The Colony is a marvellous story grounded in the landscape—from pre-history to successive transformations of the colony from campsites to towns, from garden plots to huge land-holdings.
Tracing and exploring the sense of place is the backbone of Karskens' narrative. Always present in Karskens' story is the Indigenous population, a dynamic, pervasive presence, a presence with victories as well as defeats, of shapers as well as of the dispossessed.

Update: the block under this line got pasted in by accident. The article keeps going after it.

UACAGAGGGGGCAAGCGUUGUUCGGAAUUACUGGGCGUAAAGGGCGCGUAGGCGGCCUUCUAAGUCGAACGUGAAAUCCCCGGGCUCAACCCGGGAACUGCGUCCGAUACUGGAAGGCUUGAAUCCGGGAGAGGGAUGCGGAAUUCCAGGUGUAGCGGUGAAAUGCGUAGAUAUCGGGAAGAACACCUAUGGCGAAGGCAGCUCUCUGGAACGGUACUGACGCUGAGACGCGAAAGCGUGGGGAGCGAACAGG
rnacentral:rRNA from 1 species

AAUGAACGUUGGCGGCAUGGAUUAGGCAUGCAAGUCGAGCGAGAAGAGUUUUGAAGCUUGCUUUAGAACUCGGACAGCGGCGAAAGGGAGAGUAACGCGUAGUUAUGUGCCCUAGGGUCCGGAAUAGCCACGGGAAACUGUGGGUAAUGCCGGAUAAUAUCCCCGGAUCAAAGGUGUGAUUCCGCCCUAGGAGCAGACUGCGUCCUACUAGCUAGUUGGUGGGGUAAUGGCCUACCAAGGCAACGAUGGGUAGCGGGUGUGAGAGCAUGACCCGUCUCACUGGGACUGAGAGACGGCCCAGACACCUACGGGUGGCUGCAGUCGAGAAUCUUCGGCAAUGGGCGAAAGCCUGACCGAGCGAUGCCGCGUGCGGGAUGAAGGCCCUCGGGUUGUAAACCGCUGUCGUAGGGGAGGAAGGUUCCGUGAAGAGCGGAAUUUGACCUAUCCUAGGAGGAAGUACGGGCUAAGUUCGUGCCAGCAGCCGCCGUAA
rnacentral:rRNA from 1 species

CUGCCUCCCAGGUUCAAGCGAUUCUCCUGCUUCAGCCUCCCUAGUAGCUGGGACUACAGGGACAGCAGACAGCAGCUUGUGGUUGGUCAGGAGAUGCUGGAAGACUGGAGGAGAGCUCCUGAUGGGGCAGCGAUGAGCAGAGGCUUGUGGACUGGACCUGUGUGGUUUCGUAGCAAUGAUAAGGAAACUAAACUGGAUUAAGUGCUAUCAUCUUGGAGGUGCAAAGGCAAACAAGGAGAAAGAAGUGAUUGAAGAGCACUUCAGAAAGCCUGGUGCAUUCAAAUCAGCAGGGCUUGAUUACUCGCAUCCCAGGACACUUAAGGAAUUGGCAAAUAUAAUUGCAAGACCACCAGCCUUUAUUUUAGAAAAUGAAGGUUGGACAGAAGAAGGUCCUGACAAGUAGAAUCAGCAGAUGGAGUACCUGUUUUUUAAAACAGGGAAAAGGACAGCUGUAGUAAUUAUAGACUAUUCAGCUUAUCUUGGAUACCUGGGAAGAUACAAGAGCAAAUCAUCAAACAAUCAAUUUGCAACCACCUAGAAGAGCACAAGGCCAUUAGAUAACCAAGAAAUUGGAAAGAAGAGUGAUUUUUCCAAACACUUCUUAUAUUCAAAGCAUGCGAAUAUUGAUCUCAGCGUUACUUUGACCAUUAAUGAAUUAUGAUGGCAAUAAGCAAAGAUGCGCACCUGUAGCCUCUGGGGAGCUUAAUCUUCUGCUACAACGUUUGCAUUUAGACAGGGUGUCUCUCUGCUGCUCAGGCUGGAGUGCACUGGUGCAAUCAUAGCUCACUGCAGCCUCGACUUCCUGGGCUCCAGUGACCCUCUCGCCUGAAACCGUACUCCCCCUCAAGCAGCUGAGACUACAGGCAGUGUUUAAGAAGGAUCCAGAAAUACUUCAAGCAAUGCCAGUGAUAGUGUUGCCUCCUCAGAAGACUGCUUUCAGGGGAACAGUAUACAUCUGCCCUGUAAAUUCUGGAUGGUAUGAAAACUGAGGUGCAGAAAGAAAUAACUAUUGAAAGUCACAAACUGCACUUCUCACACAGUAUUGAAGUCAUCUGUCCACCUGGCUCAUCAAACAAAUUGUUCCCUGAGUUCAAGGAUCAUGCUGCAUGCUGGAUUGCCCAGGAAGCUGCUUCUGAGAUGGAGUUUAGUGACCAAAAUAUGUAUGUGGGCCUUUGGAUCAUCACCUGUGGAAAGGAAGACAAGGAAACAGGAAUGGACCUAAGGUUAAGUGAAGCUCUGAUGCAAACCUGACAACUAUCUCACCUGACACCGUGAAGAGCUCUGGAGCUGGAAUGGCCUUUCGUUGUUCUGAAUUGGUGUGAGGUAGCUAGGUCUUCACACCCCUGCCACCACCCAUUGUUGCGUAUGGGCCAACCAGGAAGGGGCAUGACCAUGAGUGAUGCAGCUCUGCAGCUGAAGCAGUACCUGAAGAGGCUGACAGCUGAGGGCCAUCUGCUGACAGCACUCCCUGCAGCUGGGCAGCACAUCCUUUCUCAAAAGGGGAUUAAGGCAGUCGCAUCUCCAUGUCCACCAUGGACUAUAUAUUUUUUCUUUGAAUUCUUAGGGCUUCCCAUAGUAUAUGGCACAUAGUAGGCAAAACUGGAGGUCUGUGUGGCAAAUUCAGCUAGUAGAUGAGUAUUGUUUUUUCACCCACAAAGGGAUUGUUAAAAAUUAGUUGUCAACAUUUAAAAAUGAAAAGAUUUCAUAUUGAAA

Karskens' scholarship is rich in the exploration of what she lovingly calls ‘the city of words’ – the work of fellow historians, archaeologists, geologists, museologists, and art and architectural historians. Karskens' own voice is a confident one, balanced, perceptive and startling in its simplicity and directness as she challenges received wisdom.
The Colony deserved this year's award for its high literary quality and originality. As a fine history, it is a story which also informs the present and gives us signposts for the future. The narrative is enthralling in its detail and exciting in the picture it draws of the great, brave achievement that the colony was from its earliest days.